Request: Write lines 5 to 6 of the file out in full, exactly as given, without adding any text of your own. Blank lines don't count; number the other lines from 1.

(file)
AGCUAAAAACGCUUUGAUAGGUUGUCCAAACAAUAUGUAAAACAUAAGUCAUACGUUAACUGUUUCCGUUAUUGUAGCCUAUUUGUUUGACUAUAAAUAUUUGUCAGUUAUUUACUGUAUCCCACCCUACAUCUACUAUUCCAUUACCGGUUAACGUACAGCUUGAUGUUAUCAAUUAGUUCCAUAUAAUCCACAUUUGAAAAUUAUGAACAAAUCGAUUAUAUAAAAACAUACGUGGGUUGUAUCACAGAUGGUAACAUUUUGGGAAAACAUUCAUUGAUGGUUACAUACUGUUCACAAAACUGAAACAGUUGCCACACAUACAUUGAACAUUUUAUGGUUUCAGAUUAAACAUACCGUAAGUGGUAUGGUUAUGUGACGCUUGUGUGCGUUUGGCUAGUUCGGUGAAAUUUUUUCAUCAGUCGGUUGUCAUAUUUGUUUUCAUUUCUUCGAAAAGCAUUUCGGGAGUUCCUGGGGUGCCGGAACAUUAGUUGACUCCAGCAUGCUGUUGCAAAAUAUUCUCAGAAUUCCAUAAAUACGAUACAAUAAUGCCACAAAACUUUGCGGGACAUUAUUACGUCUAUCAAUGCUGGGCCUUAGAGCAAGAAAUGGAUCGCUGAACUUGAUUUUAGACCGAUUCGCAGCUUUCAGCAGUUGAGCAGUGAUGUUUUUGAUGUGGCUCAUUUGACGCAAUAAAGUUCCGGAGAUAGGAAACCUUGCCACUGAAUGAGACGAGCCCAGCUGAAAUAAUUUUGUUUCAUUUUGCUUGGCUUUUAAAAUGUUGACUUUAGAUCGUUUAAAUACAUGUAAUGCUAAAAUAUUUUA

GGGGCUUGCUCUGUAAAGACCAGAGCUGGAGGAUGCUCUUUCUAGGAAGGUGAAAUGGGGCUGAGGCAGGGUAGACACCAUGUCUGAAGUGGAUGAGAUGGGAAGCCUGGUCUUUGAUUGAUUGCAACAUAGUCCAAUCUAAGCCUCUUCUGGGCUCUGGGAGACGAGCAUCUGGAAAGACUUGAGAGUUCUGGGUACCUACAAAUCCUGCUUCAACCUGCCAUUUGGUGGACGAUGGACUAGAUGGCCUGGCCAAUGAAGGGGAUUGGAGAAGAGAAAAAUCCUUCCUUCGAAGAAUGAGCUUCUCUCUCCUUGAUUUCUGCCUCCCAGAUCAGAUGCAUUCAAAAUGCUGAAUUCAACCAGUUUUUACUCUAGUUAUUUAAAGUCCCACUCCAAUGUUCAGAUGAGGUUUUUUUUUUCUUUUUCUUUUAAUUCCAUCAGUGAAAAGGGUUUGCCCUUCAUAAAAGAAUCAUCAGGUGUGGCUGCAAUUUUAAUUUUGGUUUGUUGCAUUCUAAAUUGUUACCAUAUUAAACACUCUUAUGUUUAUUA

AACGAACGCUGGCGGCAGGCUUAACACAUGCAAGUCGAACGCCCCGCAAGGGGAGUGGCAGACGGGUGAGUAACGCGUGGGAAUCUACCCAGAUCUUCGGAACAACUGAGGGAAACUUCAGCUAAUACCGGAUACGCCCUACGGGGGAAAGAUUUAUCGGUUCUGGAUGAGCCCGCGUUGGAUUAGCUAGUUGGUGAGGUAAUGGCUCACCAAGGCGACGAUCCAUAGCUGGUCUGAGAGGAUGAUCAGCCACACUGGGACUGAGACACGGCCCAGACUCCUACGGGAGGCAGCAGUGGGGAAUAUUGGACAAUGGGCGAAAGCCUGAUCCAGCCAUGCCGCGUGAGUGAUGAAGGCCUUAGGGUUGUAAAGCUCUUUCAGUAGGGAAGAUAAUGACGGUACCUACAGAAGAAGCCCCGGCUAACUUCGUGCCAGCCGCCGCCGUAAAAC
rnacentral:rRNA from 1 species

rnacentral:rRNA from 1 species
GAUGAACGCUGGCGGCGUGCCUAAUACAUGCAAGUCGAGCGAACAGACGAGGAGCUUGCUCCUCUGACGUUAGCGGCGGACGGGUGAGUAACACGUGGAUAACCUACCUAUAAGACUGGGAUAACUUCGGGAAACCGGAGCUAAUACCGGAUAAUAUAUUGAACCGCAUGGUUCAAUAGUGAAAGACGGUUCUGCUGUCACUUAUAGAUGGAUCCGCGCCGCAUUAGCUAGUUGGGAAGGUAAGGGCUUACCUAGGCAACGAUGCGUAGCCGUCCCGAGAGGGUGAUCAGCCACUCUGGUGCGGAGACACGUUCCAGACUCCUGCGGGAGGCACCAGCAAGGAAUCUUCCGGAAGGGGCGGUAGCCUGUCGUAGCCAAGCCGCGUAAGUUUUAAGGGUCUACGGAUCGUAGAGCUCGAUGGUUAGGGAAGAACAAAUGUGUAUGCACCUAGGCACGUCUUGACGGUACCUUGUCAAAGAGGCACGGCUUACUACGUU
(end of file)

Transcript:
rnacentral:rRNA from 1 species
GAUGAACGCUGGCGGCGUGCCUAAUACAUGCAAGUCGAGCGAACAGACGAGGAGCUUGCUCCUCUGACGUUAGCGGCGGACGGGUGAGUAACACGUGGAUAACCUACCUAUAAGACUGGGAUAACUUCGGGAAACCGGAGCUAAUACCGGAUAAUAUAUUGAACCGCAUGGUUCAAUAGUGAAAGACGGUUCUGCUGUCACUUAUAGAUGGAUCCGCGCCGCAUUAGCUAGUUGGGAAGGUAAGGGCUUACCUAGGCAACGAUGCGUAGCCGUCCCGAGAGGGUGAUCAGCCACUCUGGUGCGGAGACACGUUCCAGACUCCUGCGGGAGGCACCAGCAAGGAAUCUUCCGGAAGGGGCGGUAGCCUGUCGUAGCCAAGCCGCGUAAGUUUUAAGGGUCUACGGAUCGUAGAGCUCGAUGGUUAGGGAAGAACAAAUGUGUAUGCACCUAGGCACGUCUUGACGGUACCUUGUCAAAGAGGCACGGCUUACUACGUU